Thanks to Goran Web for asking a great question on how to employ negative keywords in a PPC campaign. It can be confusing so I’ll try to answer the question as simply as I can.
The idea is to narrow your target audience by using negative keywords as a filter. If, for instance, you sell hats but you only stick to brimmed hats then any type of non-brim hat should be filtered out of your ad optimization efforts so that you reduce the number of non-targeted click-throughs. Therefore, you might use “toboggan” as a negative keyword. But before you establish what your negative keywords are, you first need to establish what your match type keywords are for the campaign you are running.
You may sell all types of brimmed hats, but you may want to run a fedora campaign. Perhaps your line of fedoras is the biggest on the planet, but the one fedora that you can’t seem to keep in stock is the purple velvet fedora. For some reason, the purple velvet fedora seems to sell out quite often and you have to replenish your stock. Yellow velvet, red velvet, white velvet, and black velvet fedoras don’t seem to sell out as often.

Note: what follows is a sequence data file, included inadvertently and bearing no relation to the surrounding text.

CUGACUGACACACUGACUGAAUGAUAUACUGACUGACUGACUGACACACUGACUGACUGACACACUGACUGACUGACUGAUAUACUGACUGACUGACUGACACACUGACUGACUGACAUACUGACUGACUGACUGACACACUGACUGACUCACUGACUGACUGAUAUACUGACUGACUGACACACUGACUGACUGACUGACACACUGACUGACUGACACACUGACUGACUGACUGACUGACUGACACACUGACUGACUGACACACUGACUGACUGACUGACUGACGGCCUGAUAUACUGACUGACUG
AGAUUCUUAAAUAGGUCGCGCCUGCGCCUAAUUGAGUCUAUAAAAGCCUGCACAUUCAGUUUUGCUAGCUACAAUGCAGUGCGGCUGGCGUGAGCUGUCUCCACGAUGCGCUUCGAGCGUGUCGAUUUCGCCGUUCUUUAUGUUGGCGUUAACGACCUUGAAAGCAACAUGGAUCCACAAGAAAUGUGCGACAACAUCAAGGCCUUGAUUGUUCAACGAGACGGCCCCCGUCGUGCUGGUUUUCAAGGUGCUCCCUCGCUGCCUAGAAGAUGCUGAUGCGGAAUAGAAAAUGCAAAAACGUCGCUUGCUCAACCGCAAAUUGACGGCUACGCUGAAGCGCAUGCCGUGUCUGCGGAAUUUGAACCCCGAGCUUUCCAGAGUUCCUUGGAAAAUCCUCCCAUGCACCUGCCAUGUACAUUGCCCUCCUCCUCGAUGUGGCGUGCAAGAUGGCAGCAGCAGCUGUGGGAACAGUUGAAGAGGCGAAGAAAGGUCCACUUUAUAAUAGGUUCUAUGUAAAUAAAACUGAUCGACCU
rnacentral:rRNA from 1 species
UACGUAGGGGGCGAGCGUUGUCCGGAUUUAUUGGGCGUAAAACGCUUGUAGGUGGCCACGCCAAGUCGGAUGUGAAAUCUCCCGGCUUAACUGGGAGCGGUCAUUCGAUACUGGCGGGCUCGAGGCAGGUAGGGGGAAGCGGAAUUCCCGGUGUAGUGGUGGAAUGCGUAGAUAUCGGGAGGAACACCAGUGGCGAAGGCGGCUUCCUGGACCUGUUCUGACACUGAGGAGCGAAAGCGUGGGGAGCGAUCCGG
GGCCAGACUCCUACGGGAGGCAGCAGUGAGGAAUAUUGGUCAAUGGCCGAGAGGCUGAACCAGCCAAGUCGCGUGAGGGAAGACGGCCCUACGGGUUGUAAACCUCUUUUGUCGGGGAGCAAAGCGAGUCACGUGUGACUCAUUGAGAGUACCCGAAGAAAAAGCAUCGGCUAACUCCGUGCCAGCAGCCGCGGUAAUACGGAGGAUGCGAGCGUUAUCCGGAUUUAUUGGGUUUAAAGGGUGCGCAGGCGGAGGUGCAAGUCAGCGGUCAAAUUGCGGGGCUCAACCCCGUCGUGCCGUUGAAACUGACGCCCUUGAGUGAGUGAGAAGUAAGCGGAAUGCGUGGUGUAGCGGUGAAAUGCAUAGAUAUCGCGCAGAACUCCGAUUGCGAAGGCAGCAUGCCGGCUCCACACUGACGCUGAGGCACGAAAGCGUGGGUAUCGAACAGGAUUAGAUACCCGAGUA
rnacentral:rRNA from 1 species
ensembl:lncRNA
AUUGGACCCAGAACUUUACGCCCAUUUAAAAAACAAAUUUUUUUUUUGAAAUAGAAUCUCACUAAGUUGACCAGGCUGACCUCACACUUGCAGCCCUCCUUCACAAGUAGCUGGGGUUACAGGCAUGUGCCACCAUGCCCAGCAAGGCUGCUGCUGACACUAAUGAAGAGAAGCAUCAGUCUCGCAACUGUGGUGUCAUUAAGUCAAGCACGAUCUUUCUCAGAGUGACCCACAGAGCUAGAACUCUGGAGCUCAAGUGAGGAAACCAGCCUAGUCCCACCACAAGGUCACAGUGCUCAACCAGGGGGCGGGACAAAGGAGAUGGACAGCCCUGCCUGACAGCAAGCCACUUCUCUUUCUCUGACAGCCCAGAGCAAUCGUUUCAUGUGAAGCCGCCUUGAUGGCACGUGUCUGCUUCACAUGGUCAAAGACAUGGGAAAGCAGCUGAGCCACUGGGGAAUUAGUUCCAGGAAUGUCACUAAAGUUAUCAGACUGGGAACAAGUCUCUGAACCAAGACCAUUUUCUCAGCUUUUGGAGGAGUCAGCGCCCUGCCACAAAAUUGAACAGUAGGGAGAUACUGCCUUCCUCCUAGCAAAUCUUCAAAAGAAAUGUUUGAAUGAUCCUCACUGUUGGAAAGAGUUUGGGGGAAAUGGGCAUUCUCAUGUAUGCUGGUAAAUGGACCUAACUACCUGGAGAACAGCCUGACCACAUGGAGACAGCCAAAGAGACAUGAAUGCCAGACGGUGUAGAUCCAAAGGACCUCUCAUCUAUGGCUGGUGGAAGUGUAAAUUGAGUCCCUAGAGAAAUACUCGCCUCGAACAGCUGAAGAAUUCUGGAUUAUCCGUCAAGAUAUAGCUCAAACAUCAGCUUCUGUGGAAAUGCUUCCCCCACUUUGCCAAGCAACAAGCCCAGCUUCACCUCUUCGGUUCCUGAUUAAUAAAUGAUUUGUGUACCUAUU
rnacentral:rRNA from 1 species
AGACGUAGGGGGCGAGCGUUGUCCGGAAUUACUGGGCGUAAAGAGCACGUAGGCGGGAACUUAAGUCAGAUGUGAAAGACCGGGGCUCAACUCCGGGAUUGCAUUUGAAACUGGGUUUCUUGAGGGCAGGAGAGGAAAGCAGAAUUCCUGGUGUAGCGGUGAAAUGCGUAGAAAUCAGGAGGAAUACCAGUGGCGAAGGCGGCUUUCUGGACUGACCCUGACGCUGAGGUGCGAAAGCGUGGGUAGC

Starting out you wouldn’t use any negative keywords associated with fedoras. But let’s say that in the middle of your campaign you run out of purple fedoras. Now you don’t want disappointed shoppers showing up on your landing page costing you money and not being able to deliver on the customer’s expectations. So you need to use the “purple velvet” phrase as a negative keyword under the rubric of “fedora” as a broad match.” You could also use “velvet fedora” as a phrase or exact match type for your campaign and toss in “purple” as the negative keyword to filter out those people who are looking specifically for the purple velvet fedora.
That’s how negative keywords work. You want to leave yourself some room to grab your targeted customer while filtering out those people are looking for something so specific that you can’t meet their need.